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Configuration

The BDK configuration is one of the most essential feature of the Symphony BDK which allows developers to configure their bot environment.

Minimal configuration example

The minimal configuration file that can be provided look like:

host: acme.symphony.com                                     # (1)

bot: 
    username: bot-username                                  # (2)
    privateKey:
      path: /path/to/bot/rsa-private-key.pem                # (3)
  1. hostname of your Symphony pod environment
  2. your bot (or service account) username as configured in your pod admin console (https://acme.symphony.com/admin-console)
  3. your bot RSA private key according to the RSA public key upload in your pod admin console (https://acme.symphony.com/admin-console)

How to load configuration

The Symphony BDK provides a single way to configure your bot environment.

public class Example {
    
    public static void main(String[] args) {
      
      final BdkConfig config01 = BdkConfigLoader.loadFromFile("/absolute/path/to/config.yaml");             // (1)
      final BdkConfig config02 = BdkConfigLoader.loadFromClasspath("/config.yaml");                         // (2)

      final InputStream configInputStream = new FileInputStream(new File("/absolute/path/to/config.yaml"));
      final BdkConfig config03 = BdkConfigLoader.loadFromInputStream(configInputStream);                    // (3)

      final BdkConfig config04 = BdkConfigLoader.loadFromSymphonyDir("config.yaml");                        // (4)

      final Map<String, String> propertyMap = new HashMap<>();
      propertyMap.put("bot.username","bot-username");
      final BdkConfig config05 = BdkConfigLoader.loadFromPropertyMap(propertyMap);                          // (5)

      final Properties properties = new Properties();
      properties.put("bot.username","bot-username");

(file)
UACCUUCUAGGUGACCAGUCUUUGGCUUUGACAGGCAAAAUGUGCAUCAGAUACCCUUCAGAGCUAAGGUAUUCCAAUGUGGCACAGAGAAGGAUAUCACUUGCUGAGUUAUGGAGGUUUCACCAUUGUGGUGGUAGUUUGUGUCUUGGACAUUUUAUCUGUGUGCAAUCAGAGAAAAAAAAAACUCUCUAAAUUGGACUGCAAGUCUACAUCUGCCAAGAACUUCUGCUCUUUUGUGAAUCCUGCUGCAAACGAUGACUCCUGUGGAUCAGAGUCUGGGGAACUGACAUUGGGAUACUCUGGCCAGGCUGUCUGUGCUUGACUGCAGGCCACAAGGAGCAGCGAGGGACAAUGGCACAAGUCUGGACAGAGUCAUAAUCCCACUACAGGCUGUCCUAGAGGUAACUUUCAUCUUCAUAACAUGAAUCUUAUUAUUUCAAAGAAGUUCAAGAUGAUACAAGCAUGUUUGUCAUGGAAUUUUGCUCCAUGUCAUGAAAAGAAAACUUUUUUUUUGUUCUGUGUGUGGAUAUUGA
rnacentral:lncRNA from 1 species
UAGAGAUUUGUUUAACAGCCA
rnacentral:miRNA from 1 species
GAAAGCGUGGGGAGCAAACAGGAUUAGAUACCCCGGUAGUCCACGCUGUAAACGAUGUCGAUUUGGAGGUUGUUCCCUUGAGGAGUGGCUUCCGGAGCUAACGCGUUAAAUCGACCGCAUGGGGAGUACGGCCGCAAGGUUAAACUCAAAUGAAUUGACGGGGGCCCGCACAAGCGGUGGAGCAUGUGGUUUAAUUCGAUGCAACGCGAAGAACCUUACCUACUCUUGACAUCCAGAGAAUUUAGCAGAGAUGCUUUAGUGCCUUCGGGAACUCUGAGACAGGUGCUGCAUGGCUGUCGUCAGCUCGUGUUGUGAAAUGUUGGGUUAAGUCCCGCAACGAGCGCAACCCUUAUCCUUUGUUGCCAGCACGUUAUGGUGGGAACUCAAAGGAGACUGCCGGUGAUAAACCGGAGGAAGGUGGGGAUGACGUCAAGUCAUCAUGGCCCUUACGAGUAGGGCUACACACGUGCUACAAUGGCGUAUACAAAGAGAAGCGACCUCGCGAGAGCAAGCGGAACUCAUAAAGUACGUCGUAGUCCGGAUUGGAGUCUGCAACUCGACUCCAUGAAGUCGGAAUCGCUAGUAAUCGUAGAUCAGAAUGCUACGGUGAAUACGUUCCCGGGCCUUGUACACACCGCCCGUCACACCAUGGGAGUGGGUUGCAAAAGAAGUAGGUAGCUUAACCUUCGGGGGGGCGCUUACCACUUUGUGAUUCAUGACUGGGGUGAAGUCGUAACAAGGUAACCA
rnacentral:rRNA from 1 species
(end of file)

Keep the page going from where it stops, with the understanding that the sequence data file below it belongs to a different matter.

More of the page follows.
final BdkConfig config06 = BdkConfigLoader.loadFromProperties(properties);                            // (6)

      final BdkConfig config07 = new BdkConfig();                                                           // (7)
      config05.setHost("acme.symphony.com");
      config05.getBot().setUsername("bot-username");
      config05.getBot().getPrivateKey().setPath("/path/to/bot/rsa-private-key.pem");
    }
}
  1. Load configuration from a system location path
  2. Load configuration from a classpath location
  3. Load configuration from an InputStream
  4. Load configuration from the Symphony directory. The Symphony directory is located under your ${user.home}/.symphony folder. It can be useful when you don’t want to share your own Symphony credentials within your project codebase
  5. Load configuration from Map of properties
  6. Load configuration from Properties
  7. Last but not least, you can obviously define your configuration object as a POJO and load it from any external system

Full configuration example

scheme: https
host: localhost.symphony.com
port: 8443
connectionTimeout: 15000
readTimeout: 60000
connectionPoolMax: 20
connectionPoolPerRoute: 20
defaultHeaders:
  Connection: Keep-Alive
  Keep-Alive: timeout=5, max=1000
    
proxy:
  host: proxy.symphony.com
  port: 1234
  username: proxyuser
  password: proxypassword

pod:
  host: dev.symphony.com
  port: 443

agent:
  loadBalancing:
    mode: roundRobin
    stickiness: false
    nodes:
      - host: agent1.symphony.com
        port: 7443
        context: app/
      - host: agent2.symphony.com

keyManager:
  host: dev-key.symphony.com
  port: 8444
  defaultHeaders:
    Connection: Keep-Alive
    Keep-Alive: close
        
sessionAuth:
  host: dev-session.symphony.com
  port: 8444

bot:
  username: bot-name
  privateKey:
    path: /path/to/bot/rsa-private-key.pem
  certificate:
    path: /path/to/bot-certificate.p12
    password: changeit

ssl:
  trustStore:
    path: /path/to/all_symphony_certs_truststore
    password: changeit

app:
  appId: app-id
  privateKey:
    path: path/to/private-key.pem

datafeed:
  version: v1
  retry:
    maxAttempts: 6
    initialIntervalMillis: 2000
    multiplier: 1.5
    maxIntervalMillis: 10000

retry:
  maxAttempts: 6 # set '-1' for an infinite number of attempts, default value is '10'